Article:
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Preconception Health 

 

Introduction

Preconception health is the mental and physical health and wellbeing of men and women during their reproductive years, before and between pregnancies.

All men and women can benefit from good preconception health, whether or not they plan to have a baby now, or in the future.

Good preconception health is important for increasing your chances of getting pregnant (if or when you choose to) and having a healthy pregnancy.

Watch our video below to find out what you need to know.

health b4 pregnancy

Key messages for preconception health

  • Contraception and sexual health

    Men and women should practice safer sex to avoid sexually transmitted infections and unintended pregnancy. If you are sexually active and do not want to become pregnant, there are a range of contraception methods available to you. Please see our Lanarkshire Sexual Health website for more information.
  • Mental health

    Positive mental health and wellbeing is important for you and your baby. Find out more about mental health and wellbeing and the support services available on our webpage. If you take medication for a mental health problem, speak to your GP or other health professional before becoming pregnant.
  • Healthy weight

    Eating well and achieving a healthy weight is important for fertility (in men and women) and healthy pregnancy and birth outcomes. You should aim to be a healthy weight, which means having a body mass index between 18.5 and 24.9 kg/m2. You can access information on eating well and the supports available for weight management, including our Weigh to go free adult weight management classes.
  • Folic acid

    Women who are planning a pregnancy, or who may become pregnant, should take a daily folic acid supplement of 400 micrograms, at least one month prior to pregnancy and for the first 12 weeks. This reduces the risk of neural tube defects. Healthy Start vitamins contain folic acid, vitamin C and vitamin D and are suitable for use before, during and after pregnancy. Some women are at higher risk of having a baby with a neural tube defect (e.g. those with a family history or those with a body mass index of 30 or more) and may be prescribed a daily folic acid supplement of 5 milligrams by their GP.
  • Alcohol

    If you are planning a pregnancy or think you could become pregnant, the safest approach is not to drink alcohol at all, to keep risks to your baby to a minimum. Drinking in pregnancy can lead to long-term harm to your baby, with the more you drink the greater the risk. Men should avoid excessive drinking (as this can affect fertility) and if they choose to drink, drink within recommended limits. Further information about alcohol and support services can be found on our alcohol page.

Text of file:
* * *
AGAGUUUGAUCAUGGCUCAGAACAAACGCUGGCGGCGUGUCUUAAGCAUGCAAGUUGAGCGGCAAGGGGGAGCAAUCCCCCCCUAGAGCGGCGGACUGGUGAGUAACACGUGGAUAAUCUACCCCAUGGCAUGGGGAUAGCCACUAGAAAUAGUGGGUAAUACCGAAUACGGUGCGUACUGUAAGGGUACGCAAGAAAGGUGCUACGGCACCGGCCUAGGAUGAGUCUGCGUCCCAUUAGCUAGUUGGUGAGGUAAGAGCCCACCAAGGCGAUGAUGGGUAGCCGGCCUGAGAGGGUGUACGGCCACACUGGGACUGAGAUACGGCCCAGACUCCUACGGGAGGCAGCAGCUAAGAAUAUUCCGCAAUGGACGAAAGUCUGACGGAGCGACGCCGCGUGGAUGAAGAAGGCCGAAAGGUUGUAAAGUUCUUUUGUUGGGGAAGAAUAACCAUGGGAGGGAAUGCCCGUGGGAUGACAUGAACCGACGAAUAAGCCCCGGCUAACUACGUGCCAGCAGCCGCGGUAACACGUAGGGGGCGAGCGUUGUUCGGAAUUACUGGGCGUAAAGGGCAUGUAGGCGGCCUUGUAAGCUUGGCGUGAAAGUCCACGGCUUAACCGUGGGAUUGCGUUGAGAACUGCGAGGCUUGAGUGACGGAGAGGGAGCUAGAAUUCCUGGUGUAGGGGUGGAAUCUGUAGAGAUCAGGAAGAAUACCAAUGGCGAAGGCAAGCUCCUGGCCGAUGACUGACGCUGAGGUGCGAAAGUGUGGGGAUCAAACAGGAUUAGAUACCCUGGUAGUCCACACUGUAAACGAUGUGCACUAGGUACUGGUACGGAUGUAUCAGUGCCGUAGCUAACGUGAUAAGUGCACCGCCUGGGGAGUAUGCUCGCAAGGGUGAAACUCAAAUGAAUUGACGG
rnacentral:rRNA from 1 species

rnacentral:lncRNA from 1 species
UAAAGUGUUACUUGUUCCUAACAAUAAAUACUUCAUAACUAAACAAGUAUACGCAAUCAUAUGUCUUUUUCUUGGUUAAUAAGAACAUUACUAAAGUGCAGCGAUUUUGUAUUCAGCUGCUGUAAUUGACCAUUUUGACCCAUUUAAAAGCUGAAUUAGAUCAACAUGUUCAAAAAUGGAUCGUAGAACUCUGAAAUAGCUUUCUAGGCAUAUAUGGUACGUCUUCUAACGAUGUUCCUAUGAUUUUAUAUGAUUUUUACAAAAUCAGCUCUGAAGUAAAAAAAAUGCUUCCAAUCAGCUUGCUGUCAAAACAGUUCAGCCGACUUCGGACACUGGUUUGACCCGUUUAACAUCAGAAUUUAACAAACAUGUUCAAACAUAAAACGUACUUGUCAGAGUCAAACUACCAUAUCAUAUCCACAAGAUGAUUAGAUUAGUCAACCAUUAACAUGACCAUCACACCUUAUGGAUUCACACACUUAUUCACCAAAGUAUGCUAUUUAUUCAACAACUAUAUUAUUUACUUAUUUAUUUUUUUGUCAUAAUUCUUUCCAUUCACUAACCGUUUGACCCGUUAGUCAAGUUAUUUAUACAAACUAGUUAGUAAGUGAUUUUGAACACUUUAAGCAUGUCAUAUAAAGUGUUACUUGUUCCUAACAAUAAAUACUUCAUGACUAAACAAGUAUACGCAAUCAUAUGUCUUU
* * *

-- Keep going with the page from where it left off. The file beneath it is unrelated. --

• Smoking

    Men and women who are planning pregnancy or who may become pregnant should stop smoking as this can be harmful to you, your unborn baby and those around you. Our Stop Smoking Service can help those who want to give up.
  • Drugs

    No illegal drugs are safe for use in pregnancy or when planning pregnancy. For more information about drugs and the support services available, visit our webpage. If you are using illegal drugs and finding it difficult to stop, speak to your GP or health professional for help and access to contraception.
    If you are planning pregnancy and take prescription drugs, discuss this with your GP to ensure these are safe to take during pregnancy.
  • Healthy relationships

    Being in a healthy and happy relationship before pregnancy is best for you and any children you may have. If you have experienced any form of gender-based violence and would like support, our EVA Services may be able to help.
  • Immunisation

    If you are planning pregnancy or may become pregnant, you should check if you are protected against rubella. You are protected if you have had two doses of the MMR (mumps, measles and rubella) vaccine. If you are unsure, ask your GP to check your vaccine history. If you haven’t had two doses of MMR, ask to get the vaccination. MMR vaccine could cause risk to your baby in pregnancy so you should avoid becoming pregnant for one month after having it. Further information is available on the Immunisation Scotland website.